Modern approaches to private international law and conflicting provisions on legal aid in civil cases

Part of the legal aid treaties between Ukraine and other states contains rules concerning conflict of laws. Where those that determine the law applicable to contractual obligations, family, and hereditary relations are not in line with current approaches to determining the law applicable to the specified groups of relations. The purpose of the paper is to uncover the differences between the regulation of conflict of laws in private relations in the legal aid treaties between Ukraine and some EU countries and the modern approaches to the regulation of conflict of laws in such relations, contained in other sources of private international law; an explanation of how to solve conflicts between legal aid treaties and other international treaties; outlining the main areas of improvement of rules concerning conflict of laws in legal aid treaties. The methods of the study were comparative, dialectical, and Aristotelian, which allowed to identify the problems of regulation of conflict of law in legal aid treaties and to draw conclusions for their elimination. Application of these methods allowed to find out that lex loci contractus is most often used to regulate contractual obligations in the absence of an agreement of the parties on the choice of applicable law. The agreement between Ukraine and Romania does not provide for the choice of the law for contractual obligations. Legal aid treaties imperatively determine the law applicable to the property relations of the spouses. They apply a dualistic approach to determining the right to inherit. It has been established that competition between the rules of this Convention and the rules of legal aid treaties between Ukraine and Poland and Ukraine and Estonia should be decided in favour of the Hague Convention. It is proposed to amend the legal aid treaties concluded between Ukraine and the EU Member States: the rules concerning conflict of laws, which define the law applicable to contractual, family, and hereditary relations should be revised using the relevant EU regulations as a model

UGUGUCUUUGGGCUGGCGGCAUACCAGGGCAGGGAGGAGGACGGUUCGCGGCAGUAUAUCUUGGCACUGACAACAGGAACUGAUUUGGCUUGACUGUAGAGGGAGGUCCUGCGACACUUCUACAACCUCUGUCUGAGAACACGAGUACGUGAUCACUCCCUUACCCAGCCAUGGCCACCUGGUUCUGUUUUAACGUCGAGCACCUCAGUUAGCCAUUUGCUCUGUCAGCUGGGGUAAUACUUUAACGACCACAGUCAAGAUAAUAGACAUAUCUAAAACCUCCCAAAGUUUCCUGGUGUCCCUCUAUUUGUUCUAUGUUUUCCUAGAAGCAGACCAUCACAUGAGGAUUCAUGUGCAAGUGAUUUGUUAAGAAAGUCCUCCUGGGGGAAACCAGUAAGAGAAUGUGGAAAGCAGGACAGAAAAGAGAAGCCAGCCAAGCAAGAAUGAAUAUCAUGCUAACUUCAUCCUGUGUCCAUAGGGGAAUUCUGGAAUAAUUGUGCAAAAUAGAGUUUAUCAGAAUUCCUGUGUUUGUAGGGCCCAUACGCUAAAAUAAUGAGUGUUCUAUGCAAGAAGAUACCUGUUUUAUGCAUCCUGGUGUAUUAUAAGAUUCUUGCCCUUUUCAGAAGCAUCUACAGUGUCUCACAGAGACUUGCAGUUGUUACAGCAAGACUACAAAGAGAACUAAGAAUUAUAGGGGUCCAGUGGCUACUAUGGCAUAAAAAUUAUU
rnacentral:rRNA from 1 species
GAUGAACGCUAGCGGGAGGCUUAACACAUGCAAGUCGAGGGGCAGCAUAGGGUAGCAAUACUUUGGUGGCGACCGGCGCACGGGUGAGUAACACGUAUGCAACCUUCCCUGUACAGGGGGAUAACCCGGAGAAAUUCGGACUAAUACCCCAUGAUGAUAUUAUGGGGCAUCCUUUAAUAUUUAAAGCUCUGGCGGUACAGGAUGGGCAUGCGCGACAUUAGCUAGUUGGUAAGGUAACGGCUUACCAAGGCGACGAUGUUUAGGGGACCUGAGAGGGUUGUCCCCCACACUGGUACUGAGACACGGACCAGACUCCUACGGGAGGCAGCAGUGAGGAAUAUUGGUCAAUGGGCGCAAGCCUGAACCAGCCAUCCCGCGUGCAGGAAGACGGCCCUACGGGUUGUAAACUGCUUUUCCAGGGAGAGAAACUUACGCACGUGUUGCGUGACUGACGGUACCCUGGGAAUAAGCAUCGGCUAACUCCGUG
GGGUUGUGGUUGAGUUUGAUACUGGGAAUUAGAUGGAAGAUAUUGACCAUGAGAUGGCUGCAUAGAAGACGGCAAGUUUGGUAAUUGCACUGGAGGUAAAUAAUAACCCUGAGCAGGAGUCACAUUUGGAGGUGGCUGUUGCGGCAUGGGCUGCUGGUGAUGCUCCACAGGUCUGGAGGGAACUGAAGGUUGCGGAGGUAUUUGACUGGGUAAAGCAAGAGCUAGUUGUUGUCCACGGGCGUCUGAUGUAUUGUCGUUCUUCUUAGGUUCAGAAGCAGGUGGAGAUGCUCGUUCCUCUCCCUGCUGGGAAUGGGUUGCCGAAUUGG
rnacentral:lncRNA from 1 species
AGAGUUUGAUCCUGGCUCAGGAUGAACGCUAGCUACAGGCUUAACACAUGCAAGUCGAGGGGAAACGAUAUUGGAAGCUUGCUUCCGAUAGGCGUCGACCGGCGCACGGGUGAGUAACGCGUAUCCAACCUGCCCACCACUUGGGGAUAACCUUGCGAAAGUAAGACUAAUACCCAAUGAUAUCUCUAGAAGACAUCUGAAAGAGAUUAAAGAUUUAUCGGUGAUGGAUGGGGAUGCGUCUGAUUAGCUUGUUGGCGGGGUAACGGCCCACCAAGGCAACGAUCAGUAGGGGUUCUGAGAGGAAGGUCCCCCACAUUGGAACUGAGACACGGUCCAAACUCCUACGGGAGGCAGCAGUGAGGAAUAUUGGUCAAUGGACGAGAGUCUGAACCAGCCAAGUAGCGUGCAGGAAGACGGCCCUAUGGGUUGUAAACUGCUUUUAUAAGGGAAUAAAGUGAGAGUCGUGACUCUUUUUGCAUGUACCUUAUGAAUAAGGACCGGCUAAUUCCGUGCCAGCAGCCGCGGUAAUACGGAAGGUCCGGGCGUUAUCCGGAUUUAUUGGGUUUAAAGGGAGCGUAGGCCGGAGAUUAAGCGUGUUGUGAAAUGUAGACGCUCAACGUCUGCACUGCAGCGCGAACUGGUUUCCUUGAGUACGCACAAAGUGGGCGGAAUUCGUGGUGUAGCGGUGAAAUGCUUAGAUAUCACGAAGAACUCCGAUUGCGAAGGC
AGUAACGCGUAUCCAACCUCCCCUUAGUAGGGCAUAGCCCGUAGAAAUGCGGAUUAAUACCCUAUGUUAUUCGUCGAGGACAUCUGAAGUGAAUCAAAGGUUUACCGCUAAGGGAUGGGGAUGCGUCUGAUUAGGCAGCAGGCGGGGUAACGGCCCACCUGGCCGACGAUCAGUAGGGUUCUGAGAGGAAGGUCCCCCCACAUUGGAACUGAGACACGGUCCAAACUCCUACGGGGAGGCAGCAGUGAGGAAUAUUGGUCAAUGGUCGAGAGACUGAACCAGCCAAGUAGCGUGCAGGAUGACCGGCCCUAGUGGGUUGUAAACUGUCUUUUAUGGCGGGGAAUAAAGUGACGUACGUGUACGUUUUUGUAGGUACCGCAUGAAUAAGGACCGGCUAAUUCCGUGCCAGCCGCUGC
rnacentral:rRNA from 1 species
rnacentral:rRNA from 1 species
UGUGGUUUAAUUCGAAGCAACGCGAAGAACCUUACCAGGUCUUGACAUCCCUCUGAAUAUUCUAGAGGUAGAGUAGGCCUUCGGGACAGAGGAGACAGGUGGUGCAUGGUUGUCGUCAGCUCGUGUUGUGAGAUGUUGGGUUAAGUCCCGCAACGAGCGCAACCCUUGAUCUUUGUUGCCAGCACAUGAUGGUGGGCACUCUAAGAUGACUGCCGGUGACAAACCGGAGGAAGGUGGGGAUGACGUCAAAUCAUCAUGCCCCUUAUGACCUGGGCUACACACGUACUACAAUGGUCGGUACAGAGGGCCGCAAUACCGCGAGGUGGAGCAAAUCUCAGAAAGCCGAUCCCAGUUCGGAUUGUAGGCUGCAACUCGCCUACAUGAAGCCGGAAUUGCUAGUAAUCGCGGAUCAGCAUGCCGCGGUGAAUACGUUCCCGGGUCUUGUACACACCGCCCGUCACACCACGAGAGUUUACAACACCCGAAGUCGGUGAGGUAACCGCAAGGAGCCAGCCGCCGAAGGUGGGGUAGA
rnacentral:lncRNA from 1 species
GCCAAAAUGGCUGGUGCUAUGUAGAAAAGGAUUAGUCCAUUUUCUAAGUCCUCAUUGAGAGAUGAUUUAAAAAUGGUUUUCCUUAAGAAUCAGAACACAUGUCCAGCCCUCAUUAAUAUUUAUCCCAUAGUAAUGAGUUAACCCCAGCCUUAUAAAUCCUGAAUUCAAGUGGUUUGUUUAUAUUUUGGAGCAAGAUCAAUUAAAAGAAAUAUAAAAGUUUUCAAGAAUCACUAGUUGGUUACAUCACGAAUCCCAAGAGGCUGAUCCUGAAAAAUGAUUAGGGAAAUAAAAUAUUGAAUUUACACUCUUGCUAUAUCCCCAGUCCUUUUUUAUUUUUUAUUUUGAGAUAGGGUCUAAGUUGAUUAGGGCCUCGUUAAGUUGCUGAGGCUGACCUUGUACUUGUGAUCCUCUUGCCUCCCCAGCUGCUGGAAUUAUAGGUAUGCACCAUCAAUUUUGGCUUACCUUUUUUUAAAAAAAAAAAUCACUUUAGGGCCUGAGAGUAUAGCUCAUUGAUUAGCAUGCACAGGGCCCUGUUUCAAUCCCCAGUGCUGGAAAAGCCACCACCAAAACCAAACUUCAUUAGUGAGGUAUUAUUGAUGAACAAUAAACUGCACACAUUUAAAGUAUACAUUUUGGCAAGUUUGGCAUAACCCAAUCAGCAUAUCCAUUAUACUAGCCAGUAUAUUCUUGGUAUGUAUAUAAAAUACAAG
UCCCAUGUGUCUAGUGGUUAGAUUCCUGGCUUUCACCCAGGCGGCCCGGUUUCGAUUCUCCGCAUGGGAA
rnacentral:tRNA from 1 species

Doi: 10.37635/jnalsu.27(1).2020.177-188